One of the biggest dangers in music journalism is hyperbole – either succumbing to it or producing it – and so press releases must be treated with the utmost caution lest you be led astray by their wildly over-eager praise and deeply emotive adjectives. However, the press release that accompanied De Staat was enough to arouse interest and if the comparisons drawn (Nick Cave, Captain Beefheart, Queens of the stone age) only draw part of the picture, well we can forgive them for getting hung up on the big names.
Actually, the first name that springs to mind when checking out De Staat’s excellent second album ‘Machinery’ is the Butthole Surfers. That is old Butthole surfers (before they got all screwed up by electronic gizmos on ‘weird revolution’) when they released singles like ‘Pepper’ and hard rock belters like ‘the lord is a monkey’ and, in the same vein, De Staat are genre-hopping Gremlins of the first order who take in the eclectic, grand slamming funk of Beck, the dance grooves of Kelis’ ‘Milkshake’, the horny soul of QOTSA via “Make it wit chu” and the lost, gothic romanticism of Nick Cave often within the same song.
Opening with the slamming “Ah, I see” which has a massive bass rumble, sub-rave repetitive sound effects and guitars which are channelled from a heavy metal concert, it’s as if Primus and the Butthole Surfers have magically got it together and reappeared after a decade in the wilderness and the result is electrifying. Torre Florim’s mercurial vocals sit at the heart of the thing – like Gibby Haynes he adopts whatever character suits the song, often sounding completely different depending upon the musical backdrop his band decide to provide as we quickly see on the second track; the bonkers, brilliant slice of twisted alternative pop-funk that is “sweatshop”, a track that references Outkast, Kelis and Beck without missing a beat or sounding in any way contrived. It’s mad as a fish in willies, but a huge amount of fun. Moving swiftly on without pausing for breath the band lurch into “I’ll never marry you” which is so Nick Cave-esque you have to pause to make damn sure you haven’t popped in some weird-ass alternative compilation into the CD player instead especially as the chorus sees the track segue blithely into pure QOTSA territory complete with falsetto and languid guitars. However, this is De Staat and they can only remain serious for so long which is why the insane “Old Macdonald don’t have no farm no more” (which sounds like a martinet Sergeant-Major singing a marching song to a skeletal, bass-laden dance track) appears immediately afterwards and sends the lunacy, and genius, levels into overdrive.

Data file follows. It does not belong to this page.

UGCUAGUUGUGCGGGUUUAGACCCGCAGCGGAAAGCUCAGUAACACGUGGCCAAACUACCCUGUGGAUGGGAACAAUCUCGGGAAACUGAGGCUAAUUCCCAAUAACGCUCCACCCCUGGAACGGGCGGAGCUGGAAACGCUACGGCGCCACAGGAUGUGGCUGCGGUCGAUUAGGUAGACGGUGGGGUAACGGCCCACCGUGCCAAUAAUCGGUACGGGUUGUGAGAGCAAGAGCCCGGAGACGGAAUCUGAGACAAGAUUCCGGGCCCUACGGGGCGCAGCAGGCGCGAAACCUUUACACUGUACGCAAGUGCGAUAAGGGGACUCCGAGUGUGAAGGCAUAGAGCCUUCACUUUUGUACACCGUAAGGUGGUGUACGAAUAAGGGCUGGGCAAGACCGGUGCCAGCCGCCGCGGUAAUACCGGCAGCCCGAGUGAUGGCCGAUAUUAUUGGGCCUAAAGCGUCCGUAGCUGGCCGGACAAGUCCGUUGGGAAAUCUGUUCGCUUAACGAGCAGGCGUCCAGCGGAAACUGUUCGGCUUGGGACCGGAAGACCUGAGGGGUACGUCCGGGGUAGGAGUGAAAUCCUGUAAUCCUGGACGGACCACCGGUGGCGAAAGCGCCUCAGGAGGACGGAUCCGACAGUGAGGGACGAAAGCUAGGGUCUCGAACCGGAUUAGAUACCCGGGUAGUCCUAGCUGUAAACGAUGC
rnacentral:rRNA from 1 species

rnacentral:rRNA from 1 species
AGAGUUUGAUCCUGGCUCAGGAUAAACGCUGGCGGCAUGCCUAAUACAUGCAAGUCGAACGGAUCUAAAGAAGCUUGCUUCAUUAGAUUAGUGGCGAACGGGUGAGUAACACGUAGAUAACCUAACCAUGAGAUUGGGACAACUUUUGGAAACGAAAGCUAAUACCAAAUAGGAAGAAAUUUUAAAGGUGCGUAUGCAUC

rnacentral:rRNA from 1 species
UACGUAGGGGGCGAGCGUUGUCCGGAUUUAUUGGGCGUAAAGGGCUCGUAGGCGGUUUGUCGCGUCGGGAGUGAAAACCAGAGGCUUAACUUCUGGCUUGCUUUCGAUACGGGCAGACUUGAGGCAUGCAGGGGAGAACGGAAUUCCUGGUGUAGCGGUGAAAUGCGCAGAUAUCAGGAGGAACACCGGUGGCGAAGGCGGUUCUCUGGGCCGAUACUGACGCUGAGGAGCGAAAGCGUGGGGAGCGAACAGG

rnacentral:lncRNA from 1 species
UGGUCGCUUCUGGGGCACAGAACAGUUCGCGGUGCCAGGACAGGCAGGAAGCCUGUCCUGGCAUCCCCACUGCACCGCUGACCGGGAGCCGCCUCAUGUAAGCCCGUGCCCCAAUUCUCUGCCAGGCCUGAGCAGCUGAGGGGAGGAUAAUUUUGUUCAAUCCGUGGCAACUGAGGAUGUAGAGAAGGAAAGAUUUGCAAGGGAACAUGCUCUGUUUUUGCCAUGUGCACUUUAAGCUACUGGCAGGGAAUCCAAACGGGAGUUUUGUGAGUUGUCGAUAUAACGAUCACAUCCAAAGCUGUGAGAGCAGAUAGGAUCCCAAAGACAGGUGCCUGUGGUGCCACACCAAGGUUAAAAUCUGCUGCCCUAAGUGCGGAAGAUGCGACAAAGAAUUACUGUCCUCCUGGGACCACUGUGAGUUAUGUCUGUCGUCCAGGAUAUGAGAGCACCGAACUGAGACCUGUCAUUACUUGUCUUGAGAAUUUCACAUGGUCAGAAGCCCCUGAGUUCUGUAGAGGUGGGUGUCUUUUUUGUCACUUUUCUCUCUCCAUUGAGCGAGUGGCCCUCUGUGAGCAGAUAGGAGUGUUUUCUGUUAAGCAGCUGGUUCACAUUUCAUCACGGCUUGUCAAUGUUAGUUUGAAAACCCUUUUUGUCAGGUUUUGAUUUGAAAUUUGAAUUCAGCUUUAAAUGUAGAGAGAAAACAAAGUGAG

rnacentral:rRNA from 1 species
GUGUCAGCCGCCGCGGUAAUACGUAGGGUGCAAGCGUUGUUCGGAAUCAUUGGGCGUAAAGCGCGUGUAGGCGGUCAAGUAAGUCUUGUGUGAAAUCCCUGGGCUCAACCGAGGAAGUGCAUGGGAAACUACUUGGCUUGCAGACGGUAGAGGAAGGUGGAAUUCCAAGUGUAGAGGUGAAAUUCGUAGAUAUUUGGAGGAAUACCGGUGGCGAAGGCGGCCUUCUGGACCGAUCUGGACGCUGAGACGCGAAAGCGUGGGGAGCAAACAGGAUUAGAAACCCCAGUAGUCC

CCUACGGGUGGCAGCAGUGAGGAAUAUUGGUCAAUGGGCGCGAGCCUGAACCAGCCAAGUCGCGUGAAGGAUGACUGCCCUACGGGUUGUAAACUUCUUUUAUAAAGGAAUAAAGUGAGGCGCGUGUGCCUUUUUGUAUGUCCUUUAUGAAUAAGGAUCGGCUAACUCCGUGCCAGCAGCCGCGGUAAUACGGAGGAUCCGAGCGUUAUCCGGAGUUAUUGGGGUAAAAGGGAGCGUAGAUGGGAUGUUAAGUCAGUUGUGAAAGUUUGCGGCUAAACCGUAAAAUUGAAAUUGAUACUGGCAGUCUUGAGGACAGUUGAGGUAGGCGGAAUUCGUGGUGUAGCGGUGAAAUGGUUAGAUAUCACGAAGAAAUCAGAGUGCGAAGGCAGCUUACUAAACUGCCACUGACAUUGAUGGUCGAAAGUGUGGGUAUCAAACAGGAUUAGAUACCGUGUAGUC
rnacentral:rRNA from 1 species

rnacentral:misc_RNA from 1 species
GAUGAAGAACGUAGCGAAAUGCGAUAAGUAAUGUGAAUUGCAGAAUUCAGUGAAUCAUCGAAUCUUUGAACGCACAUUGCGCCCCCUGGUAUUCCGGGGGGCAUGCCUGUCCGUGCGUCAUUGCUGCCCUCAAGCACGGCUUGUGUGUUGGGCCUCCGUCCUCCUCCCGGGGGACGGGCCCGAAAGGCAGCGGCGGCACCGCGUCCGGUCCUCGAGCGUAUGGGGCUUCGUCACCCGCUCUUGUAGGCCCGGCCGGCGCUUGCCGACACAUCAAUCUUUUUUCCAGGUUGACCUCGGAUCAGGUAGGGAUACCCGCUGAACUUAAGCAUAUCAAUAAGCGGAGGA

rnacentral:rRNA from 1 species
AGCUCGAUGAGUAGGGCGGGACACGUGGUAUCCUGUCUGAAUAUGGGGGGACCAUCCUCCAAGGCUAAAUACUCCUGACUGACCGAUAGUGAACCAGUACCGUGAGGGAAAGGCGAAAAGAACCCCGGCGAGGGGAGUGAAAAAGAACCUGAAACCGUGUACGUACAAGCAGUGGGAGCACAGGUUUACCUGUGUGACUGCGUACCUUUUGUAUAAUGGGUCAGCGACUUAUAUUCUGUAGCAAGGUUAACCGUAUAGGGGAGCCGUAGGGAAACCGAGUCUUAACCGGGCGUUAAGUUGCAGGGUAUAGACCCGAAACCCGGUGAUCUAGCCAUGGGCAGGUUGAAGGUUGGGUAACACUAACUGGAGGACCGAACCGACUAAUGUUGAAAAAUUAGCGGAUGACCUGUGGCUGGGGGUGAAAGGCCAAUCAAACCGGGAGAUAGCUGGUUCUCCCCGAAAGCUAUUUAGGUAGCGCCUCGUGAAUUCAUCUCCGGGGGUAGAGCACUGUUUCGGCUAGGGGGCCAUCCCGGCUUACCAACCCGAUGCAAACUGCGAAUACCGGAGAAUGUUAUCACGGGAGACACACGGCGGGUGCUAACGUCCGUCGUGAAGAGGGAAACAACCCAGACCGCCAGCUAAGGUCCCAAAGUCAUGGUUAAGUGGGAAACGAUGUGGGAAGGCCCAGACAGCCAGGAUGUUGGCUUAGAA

If ‘I’ll never marry you’ contained elements that were QOTSA, ‘I’m a rat’ is pure Josh Homme sleaze, with a creepy falsetto backed by a gentle, groin-rocking groove that suits the bedroom far better than the dance floor although it may prove effective in either, and you start to wonder if maybe De Staat are trying to replace Barry White as the bedroom crooners of choice. If that is there aim, however, they hide it well when they unleash deranged tracks like ‘keep me home’ which is dark, brooding and sounds like Black Rebel Motorcycle Club playing the soundtrack to one of David Bowie’s cocaine-induced nightmares complete with haunting gospel-esque backing vocals and lush instrumentation. Upon fading out through a haze of feedback and unsettling noise ‘Tumbling down’ resets the band’s groove via a mechanistic drum beat and Blur (13 era) style harmonies – sort of how you imagine 13 would have sounded if it had been produced by Trent Reznor and Saul Williams while ‘Psycho disco’ sounds more-or-less exactly as you might imagine it would sound!
With paranoia seemingly creeping in to the band’s set, ‘rooster man’ is a fantastic slab of twisted stoner groove that suggests that the initial high of the first few tracks has now diminished to a vague, sweat-soaked sheen of paranoia that makes for unhinged, but utterly addictive listening. Huge slabs of synth crawl over the bass-led groove while the vocals shimmer under the layer of reverb that attempts to smother them. If hell has a disco, this could very well be its spectacular soundtrack. ‘Serial killer’ brings back the funk, although it’s a dark, twisted funk far from the half-assed, dull, pop-infused funk of the Red Hot Chilli Peppers and it sounds quite brilliant. Final track ‘back to the grind’ lives up to its name by referencing Beck’s “soul sucking jerk” in terms of attitude and sheer visceral thrill with huge slabs of grinding rhythm shooting through it.
De Staat, it has to be said, are quite, quite brilliant. While it is a given that they will not appeal to the more metal-minded readers who visit SonicAbuse, for those who have a hankering for the days when Mike Patton would bounce between Loveage, Tomahawk and Pepping Tom, when Butthole Surfers provided the soundtrack to Beavis and Butthead and when Primus ground out twisted slabs of funky brilliance then this is for you. Comparisons to QOTSA, Nick Cave, Captain Beefheart and the like are fair and understandable, but there’s so much more going on here – as if Torre Florim’s twisted muse has infected the other members of this unique band and sent all five spinning off on some mad, Hunter S. Thompson journey into the mescaline-soaked desert. Inspiring, insane and ingenious, this is what pop music should sound like rather than the mass-produced, soulless, mindless crap ground out on X factor. ‘Machinery’ should be required listening for anyone with a pulse – it really is quite remarkable.